Tag Archives: Gerry Adams

More troubles about the past for Adams; Hart named envoy

Sinn Féin leader Gerry Adams has new troubles with the past not six months since being released from police questioning about the 1972 abduction and murder of Jean McConville.

This time around Adams and republicans are facing harsh accusations about how they handled, or mishandled, allegations of rape by members of the IRA. Adams claims the charges are being politicized by opponents.

For perspective on IRA justice during the Troubles and the political implications of this scandal, in the North and the Republic, read this piece by Brian Feeney. He is head of history at St Mary’s University College in Belfast, and the author of Sinn Féin: A Hundred Turbulent Years and Insider: Life in the IRA.

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An additional note about the North: former U.S. Senator and two-time presidential candidate Gary Hart has appointed to help jump-start political negotiations in Northern Ireland. As the Belfast Telegraph says with a sigh, Hart is “the latest in a decades-long parade of special U.S. peace process envoys — and a man long off the radar of mainstream American political life.”

But the story also contains this reality check:

One Washington insider with long-time involvement in Irish affairs said that Belfast’s politicians shouldn’t take high-level US governmental attention for granted. “Northern Ireland, like lots of places around the world, tends to think that their problems are the biggest on the board. And they aren’t,” he said.

Can Hart finish the work on “flags, parades and the past” that Richard Haas nearly concluded at the end of 2013? Let’s see.

Historic IRA ceasefire hits 20th anniversary

Recognising the potential of the current situation and in order to enhance the democratic process and underlying our definitive commitment to its success, the leadership of the IRA have decided that as of midnight, August 31, there will be a complete cessation of military operations. All our units have been instructed accordingly.

— Irish Republican Army ceasefire statement of August 1994

Some great coverage of this historic event is emerging from Irish and British media outlets.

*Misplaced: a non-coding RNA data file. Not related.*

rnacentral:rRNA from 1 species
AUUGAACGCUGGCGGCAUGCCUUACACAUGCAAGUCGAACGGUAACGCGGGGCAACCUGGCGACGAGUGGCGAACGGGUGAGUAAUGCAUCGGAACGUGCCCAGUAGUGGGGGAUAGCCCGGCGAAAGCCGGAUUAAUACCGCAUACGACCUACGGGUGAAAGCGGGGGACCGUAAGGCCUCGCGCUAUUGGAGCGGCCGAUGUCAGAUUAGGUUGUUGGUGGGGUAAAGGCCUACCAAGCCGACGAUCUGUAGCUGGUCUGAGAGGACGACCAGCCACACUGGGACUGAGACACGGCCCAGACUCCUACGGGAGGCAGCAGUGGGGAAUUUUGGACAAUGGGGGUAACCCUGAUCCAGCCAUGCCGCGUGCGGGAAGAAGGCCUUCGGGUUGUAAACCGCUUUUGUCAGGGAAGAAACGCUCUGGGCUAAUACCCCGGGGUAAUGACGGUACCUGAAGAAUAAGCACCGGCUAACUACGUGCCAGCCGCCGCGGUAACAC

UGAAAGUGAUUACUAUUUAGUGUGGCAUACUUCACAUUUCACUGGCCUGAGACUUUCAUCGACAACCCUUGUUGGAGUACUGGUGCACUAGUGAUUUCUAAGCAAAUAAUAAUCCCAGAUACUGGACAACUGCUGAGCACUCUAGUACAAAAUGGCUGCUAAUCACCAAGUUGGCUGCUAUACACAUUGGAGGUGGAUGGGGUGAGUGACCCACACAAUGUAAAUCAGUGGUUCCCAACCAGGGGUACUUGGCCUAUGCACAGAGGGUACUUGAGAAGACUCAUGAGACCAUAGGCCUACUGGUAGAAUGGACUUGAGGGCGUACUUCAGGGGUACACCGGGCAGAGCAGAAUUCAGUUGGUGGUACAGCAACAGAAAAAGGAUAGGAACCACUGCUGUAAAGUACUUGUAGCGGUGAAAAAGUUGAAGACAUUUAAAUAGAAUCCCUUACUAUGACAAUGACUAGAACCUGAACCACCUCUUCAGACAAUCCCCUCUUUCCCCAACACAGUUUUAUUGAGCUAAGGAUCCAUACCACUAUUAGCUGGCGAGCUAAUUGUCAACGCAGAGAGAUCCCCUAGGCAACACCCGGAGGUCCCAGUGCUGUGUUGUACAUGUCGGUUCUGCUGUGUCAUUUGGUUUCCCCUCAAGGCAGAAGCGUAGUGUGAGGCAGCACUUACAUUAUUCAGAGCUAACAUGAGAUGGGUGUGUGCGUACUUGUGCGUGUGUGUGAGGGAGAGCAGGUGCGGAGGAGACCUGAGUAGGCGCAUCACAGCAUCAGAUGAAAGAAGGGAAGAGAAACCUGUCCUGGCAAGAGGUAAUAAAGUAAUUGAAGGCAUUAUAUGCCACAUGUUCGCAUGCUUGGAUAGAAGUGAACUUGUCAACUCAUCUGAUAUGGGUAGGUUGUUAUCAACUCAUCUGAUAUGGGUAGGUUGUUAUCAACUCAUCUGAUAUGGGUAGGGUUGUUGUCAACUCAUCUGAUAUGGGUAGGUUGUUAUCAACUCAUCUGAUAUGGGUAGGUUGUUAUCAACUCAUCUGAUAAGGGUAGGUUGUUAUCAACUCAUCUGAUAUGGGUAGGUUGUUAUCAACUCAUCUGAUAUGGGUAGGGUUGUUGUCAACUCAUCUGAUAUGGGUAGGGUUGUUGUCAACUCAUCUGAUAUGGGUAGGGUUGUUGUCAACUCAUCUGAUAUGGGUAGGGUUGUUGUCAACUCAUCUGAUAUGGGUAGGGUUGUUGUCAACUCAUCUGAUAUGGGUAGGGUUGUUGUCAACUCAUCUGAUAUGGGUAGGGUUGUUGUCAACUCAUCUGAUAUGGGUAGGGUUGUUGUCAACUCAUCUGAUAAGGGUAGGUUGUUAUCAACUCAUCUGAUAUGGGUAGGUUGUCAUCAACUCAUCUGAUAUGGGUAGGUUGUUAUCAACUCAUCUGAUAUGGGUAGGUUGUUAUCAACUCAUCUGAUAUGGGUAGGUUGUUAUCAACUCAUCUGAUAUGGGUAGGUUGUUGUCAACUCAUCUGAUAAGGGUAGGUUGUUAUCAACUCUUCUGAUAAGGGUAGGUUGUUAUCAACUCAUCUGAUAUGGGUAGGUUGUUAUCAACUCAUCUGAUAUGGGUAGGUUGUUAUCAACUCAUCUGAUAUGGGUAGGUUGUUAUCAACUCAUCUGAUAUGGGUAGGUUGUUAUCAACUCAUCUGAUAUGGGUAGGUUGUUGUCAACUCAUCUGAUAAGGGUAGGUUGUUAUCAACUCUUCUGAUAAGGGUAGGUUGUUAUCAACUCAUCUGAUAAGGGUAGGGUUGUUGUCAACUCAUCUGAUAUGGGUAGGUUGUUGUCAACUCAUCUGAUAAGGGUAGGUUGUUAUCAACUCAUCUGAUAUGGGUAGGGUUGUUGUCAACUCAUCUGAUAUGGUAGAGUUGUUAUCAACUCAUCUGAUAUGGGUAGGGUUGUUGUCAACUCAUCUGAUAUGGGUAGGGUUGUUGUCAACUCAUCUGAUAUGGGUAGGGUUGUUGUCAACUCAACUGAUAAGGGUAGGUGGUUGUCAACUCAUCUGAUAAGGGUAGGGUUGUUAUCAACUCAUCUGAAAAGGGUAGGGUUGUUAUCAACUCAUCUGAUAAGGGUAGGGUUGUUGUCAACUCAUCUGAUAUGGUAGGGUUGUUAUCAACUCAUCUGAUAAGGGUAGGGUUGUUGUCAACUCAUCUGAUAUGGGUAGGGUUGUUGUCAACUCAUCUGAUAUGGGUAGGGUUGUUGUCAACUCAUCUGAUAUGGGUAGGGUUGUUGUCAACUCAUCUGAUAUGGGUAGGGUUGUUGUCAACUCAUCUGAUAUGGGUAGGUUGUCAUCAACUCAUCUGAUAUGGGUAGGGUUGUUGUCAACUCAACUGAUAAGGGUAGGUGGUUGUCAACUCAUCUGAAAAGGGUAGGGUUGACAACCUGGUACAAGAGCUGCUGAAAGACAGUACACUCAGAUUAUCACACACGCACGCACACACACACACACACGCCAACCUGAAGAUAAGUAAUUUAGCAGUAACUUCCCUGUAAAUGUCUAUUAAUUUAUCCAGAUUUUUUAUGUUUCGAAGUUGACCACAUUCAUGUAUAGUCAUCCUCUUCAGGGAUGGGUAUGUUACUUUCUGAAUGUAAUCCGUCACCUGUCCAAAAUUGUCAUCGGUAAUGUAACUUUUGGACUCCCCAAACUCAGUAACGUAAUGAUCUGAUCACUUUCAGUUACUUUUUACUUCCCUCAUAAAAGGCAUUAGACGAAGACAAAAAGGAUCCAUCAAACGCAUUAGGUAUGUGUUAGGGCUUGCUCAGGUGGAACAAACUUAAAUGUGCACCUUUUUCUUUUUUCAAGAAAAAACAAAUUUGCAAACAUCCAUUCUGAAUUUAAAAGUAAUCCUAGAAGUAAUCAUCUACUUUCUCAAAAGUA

Writing for the BBC, Vincent Kearney recounts obtaining the ceasefire statement through a republican source as a reporter for the Belfast Telegraph. He tells the back story leading up to the deal, such as the secret meetings between Gerry Adams and John Hume facilitated by a Catholic priest at Clonard Monastery.

Kearney recalls the violence preceding the Downing Street Declaration between prime ministers John Major of Britain and the recently deceased Albert Reynolds of Ireland. He also quotes republican leader and now Deputy First Minster Martin McGuinness:

People make a mistake if they think that the engagement that took place between ourselves and the British government back channel, for want of a better word, was the motivating factor in bringing about the IRA ceasefire of 1994, that’s not the way the process worked. What brought about the IRA ceasefire was the coming together of Irish America, support from the White House, the Albert Reynolds input and, of course, the initiative led by Gerry Adams and by John Hume, with the support of Father Alec Reid.

Adams, Reynolds and Hume shortly after the IRA ceasefire. Belfast Telegraph image.

Adams, Reynolds and Hume shortly after the IRA ceasefire. Belfast Telegraph image.

The Irish Times has a couple of pieces by two insiders. Nancy Soderberg, a foreign policy adviser to former President Bill Clinton, details the persistence of Reynolds and others to obtain a visa for IRA man Joe Cahill to sell the ceasefire to republican hardliners in the U.S. Former Reynolds press secretary Seán Duignan tells the same story from the Irish side.